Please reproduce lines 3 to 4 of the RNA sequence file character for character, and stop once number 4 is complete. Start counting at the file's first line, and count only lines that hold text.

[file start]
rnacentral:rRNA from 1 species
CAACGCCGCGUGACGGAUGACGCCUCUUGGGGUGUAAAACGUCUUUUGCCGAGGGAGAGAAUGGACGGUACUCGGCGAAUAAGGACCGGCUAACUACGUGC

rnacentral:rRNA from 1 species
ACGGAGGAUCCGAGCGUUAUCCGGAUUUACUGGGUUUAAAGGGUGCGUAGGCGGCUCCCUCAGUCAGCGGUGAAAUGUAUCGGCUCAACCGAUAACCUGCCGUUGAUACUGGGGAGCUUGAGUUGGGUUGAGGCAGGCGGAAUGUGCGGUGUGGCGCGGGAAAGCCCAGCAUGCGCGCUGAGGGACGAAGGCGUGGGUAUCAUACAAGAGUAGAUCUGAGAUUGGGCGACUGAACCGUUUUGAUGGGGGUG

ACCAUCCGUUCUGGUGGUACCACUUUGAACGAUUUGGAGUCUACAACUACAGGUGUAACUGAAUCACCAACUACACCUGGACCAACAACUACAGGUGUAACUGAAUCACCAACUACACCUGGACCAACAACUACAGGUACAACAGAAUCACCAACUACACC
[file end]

rnacentral:rRNA from 1 species
ACGGAGGAUCCGAGCGUUAUCCGGAUUUACUGGGUUUAAAGGGUGCGUAGGCGGCUCCCUCAGUCAGCGGUGAAAUGUAUCGGCUCAACCGAUAACCUGCCGUUGAUACUGGGGAGCUUGAGUUGGGUUGAGGCAGGCGGAAUGUGCGGUGUGGCGCGGGAAAGCCCAGCAUGCGCGCUGAGGGACGAAGGCGUGGGUAUCAUACAAGAGUAGAUCUGAGAUUGGGCGACUGAACCGUUUUGAUGGGGGUG